This article is part of a series of recipes suitable for the Medieval season of Lent during which all animal products other than fish were forbidden except on Sundays. I’ll be posting at least one Lenten recipe per week until Easter Sunday (April 4, 2010).
I had no idea the Greeks ate pasta. According to Vefa Alexiadou, Greece’s version of Irma Rombauer, pasta has been a staple in some regions of that ancient land for centuries. Her cookbook, Vefa’s Kitchen, is packed full of fascinating tidbits like that, including lots of information about the different regions of Greece and their cultural history. As you might expect in a country with a tradition of Orthodox Christianity, there are many Lenten recipes. Some of them, like today’s, even identify themselves as such in their titles.
Sticking to the Medieval rules of Lent can be a challenge. One of the biggest things I notice every year is the drop in the amount of protein I’m eating. The brain needs protein to function well and during the first few days of Lent I often find myself a little distracted and unable to concentrate. As a former vegetarian, I know I don’t need meat and other animal products to get all the protein I need, I just have to think a little differently about what to eat. Lenten Spaghetti with Tahini is the perfect solution to this problem. The sauce is based on tahini, a roasted sesame paste common in middle eastern food, and the protein content is augmented further with a sprinkling of ground walnuts and toasted sesame seeds.
This dish is surprisingly light with bright, almost summery flavors provided by the mint, along with an unusual medieval zing from the allspice and cinnamon. I was skeptical about the olives, but they bring just the right amount of salt and earthiness. Eating this had me dreaming of warm weather and outdoor cafes. A ray of sunshine in the darkness of Lent
Lenten Spaghetti with Tahini
Adapted from Vefa Alexiadou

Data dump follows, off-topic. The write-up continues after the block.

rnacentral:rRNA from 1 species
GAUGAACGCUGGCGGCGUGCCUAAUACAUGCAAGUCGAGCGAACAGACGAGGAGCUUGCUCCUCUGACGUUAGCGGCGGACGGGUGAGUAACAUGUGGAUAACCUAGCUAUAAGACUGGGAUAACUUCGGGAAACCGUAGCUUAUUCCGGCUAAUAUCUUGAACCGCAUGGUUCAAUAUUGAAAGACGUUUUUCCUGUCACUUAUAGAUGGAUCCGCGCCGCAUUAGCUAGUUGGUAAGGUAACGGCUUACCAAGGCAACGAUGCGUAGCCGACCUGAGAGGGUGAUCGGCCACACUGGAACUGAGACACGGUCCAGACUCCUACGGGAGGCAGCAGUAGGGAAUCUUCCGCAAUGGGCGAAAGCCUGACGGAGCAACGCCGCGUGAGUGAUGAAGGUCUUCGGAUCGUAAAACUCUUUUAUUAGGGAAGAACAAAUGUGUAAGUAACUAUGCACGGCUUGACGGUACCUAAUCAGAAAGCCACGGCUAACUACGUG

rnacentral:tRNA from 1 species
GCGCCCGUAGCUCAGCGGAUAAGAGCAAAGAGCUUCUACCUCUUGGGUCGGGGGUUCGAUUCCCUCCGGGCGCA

4 tablespoons tahini
1 medium onion
15 oz. canned chopped tomatoes
1 tablespoon balsamic vinegar
1 tablespoon tomato paste
8 whole allspice berries
1 bay leaf
1 good pinch of ground cinnamon
4 tablespoons finely chopped fresh mint
1/2 teaspoon sea salt
freshly ground black pepper
2 tablespoons olive oil
1 pound spaghetti
3/4 cup ground walnuts
4 tablespoons sesame seeds
10 Kalamata olives, pitted
Peel the onion and grate it either in a food processor or with a hand grater. Put the grated onion in a medium saucepan with the tahini and cook over medium heat for about 5 minutes, stirring constantly, until the onion is soft. Add the tomatoes, vinegar, tomato paste, allspice berries, bay leaf, cinnamon, mint, sea salt and a few grinds of black pepper.
Simmer the sauce, uncovered for about 15 minutes to combine the flavors. The consistency should be that of a light meat sauce. If it seems too thick, feel free to add a bit of water.
As the sauce simmers, put a large pot of salted water on to boil, adding the 2 tablespoons of olive oil to it to keep the pasta from sticking. Lightly toast the sesame seeds in a dry skillet by stirring or shaking constantly over a medium-high heat until they begin to brown. Be careful, they can burn very easily.
Cook the pasta to your taste using the package directions. Taste the sauce and season further with salt and pepper if necessary. When the pasta is cooked, drain it and toss with the sauce in a large bowl. Sprinkle the individual servings of pasta with the ground walnuts and toasted sesame seeds, and garnish with Kalamata olives.